Pythiosis in Humans

Author Stephen A. Berger, MD , 18-Aug-2015

Table of contents


Human pythiosis was first described in Thailand in 1987, and thirty-two cases were published worldwide in 2002.  Most cases are reported from tropical and subtropical regions; however, human infection has also been encountered in the United States, Israel, and Australia.  The principal pathogen is identified as Pythium insidiosum, and at least one case of Pythium aphanidermatum infection has been reported.

Most case reports of pythiosis are published in Thailand, accounting for 78% of published reports in 2002 – over 90% of these in farmers. Pythium insidiosum is identified in irrigation water in endemic agricultural areas, and 64% of soil samples in endemic areas contain the organism. 102 cases of human infection were identified in Thailand through active case finding from 1985 to 2003 – 59% vascular, 33% ocular, 5% cutaneous/subcutaneous, and 3% disseminated.

Natural infection of dogs, cats, cattle, horses, and other mammals are described in South America (Argentina, Brazil, Colombia, and Venezuela), Central America, and the Caribbean (Costa Rica, Guatemala, Haiti, Jamaica, Panama, and Nicaragua), North America (the United States, notably in Florida, Louisiana, Mississippi, and Texas), Australia and Asia (India, Indonesia, Japan, New Guinea, New Zealand, North Korea, and Thailand).  A single case (dog in Mali) was reported in Africa in 2005.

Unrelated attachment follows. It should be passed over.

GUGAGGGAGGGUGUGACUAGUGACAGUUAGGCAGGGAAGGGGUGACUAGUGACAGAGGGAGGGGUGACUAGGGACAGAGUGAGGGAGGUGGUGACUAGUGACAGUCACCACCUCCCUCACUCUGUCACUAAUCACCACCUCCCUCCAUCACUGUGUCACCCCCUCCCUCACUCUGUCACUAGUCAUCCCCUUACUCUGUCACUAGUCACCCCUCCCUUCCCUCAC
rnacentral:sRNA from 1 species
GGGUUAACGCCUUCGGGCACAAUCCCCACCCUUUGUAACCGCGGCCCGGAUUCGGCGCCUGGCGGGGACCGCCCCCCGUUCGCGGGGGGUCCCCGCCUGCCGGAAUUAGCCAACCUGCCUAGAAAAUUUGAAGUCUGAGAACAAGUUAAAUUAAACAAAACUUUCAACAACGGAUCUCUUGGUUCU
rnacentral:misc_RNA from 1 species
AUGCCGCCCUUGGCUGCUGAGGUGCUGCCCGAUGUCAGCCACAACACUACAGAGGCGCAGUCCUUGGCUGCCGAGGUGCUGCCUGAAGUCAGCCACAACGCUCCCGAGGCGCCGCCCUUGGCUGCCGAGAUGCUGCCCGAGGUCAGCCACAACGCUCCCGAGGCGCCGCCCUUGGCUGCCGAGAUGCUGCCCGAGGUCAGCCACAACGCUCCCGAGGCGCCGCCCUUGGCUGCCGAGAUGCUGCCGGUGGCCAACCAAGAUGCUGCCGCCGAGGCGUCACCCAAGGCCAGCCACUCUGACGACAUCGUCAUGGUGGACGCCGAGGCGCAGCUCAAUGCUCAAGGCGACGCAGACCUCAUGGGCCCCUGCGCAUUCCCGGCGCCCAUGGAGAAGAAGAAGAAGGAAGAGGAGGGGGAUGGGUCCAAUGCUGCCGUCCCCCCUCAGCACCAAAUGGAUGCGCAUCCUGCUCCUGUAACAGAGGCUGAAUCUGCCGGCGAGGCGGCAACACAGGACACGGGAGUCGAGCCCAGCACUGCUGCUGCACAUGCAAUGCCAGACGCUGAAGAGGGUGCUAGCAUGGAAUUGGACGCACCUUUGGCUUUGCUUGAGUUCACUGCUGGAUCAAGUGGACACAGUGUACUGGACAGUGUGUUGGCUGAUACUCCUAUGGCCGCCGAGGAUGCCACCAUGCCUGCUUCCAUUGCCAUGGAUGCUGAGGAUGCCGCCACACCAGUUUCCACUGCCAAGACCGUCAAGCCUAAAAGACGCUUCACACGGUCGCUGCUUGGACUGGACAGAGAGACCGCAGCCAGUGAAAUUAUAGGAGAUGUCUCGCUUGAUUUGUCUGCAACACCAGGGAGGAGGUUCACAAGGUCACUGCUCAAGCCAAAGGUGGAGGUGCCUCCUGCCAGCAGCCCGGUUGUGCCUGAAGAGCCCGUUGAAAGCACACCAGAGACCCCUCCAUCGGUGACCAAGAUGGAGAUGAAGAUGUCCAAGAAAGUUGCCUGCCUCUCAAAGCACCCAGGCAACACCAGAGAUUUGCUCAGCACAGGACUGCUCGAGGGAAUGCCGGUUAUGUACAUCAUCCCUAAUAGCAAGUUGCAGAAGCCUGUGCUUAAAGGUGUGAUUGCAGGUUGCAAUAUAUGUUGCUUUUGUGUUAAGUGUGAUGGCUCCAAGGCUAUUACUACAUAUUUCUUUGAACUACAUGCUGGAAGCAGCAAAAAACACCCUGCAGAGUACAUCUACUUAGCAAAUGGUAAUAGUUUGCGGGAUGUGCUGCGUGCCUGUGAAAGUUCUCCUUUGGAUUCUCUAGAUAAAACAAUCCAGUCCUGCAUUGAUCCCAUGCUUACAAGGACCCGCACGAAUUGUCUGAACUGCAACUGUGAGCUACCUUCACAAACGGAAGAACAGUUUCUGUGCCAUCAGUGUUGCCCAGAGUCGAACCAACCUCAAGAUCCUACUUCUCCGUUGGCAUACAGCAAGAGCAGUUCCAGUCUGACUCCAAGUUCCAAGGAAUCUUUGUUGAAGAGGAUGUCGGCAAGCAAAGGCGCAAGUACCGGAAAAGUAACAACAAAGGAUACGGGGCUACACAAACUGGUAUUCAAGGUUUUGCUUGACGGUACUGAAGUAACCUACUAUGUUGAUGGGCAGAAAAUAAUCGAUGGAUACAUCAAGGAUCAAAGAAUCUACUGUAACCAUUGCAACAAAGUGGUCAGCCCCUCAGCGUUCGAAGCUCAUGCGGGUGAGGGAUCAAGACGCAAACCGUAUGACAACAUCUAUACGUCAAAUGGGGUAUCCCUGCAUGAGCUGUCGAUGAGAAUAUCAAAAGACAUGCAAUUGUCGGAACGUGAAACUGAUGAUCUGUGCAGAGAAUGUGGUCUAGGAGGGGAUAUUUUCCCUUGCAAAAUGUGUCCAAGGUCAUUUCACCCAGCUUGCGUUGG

Infection is acquired through direct contact or trauma and presents as granulomatous cutaneous and subcutaneous lesions. Patients often have underlying thalassemia. Vascular pythiosis is characterized by ascending purulent infection and thrombosis of major arteries, usually of the lower extremities. If a major vessel is involved, the patient usually dies within weeks. Symptoms include intermittent claudication, resting calf pain, and other signs of arterial insufficiency. Fever and weight loss are not described.

Ocular disease is characterized by ulcerative keratitis, which may progress to endophthalmitis and require enucleation. Eleven cases of Pythium endophthalmitis were reported from a single Thai hospital in 2004.  Legenidium, a related genus of oomycetes, has been associated with infections of the skin and eyes in Thailand.

Pythium insidiosum is not susceptible to antifungal agents, and excision is the only proven form of therapy. Saturated solutions of potassium iodide have been recommended for localized skin infections. Immune therapy consisting of injection of Pythium antigen into infected patients has been successful in animal models and used for human disease in Thailand.

A single outbreak (4 cases of keratitis) of pythiosis was reported in Thailand in 2009, and at least three instances of cross-border pythiosis have been published:

2005 (publication year) – Pythiosis was documented in a German Shepherd dog exported from Mali to France.
2011 (publication year) – An American soldier acquired traumatic wound infection by Pythium aphanidermatum in Afghanistan.
2015 (publication year) – A French traveler acquired Pythium insidiosum keratitis in Thailand.

Stephen A. Berger, MD

Stephen A. Berger, M.D. is affiliated with the Tel Aviv Medical Center, where he has served as Director of both Geographic Medicine and Clinical Microbiology. He also holds an appointment as Emeritus Associate Professor of Medicine at the University of Tel-Aviv School of Medicine. Dr. Berger co-founded GIDEON Informatics, developers of the GIDEON (Global Infectious Diseases and Epidemiology Online Network) web app, and the GIDEON series of ebooks.

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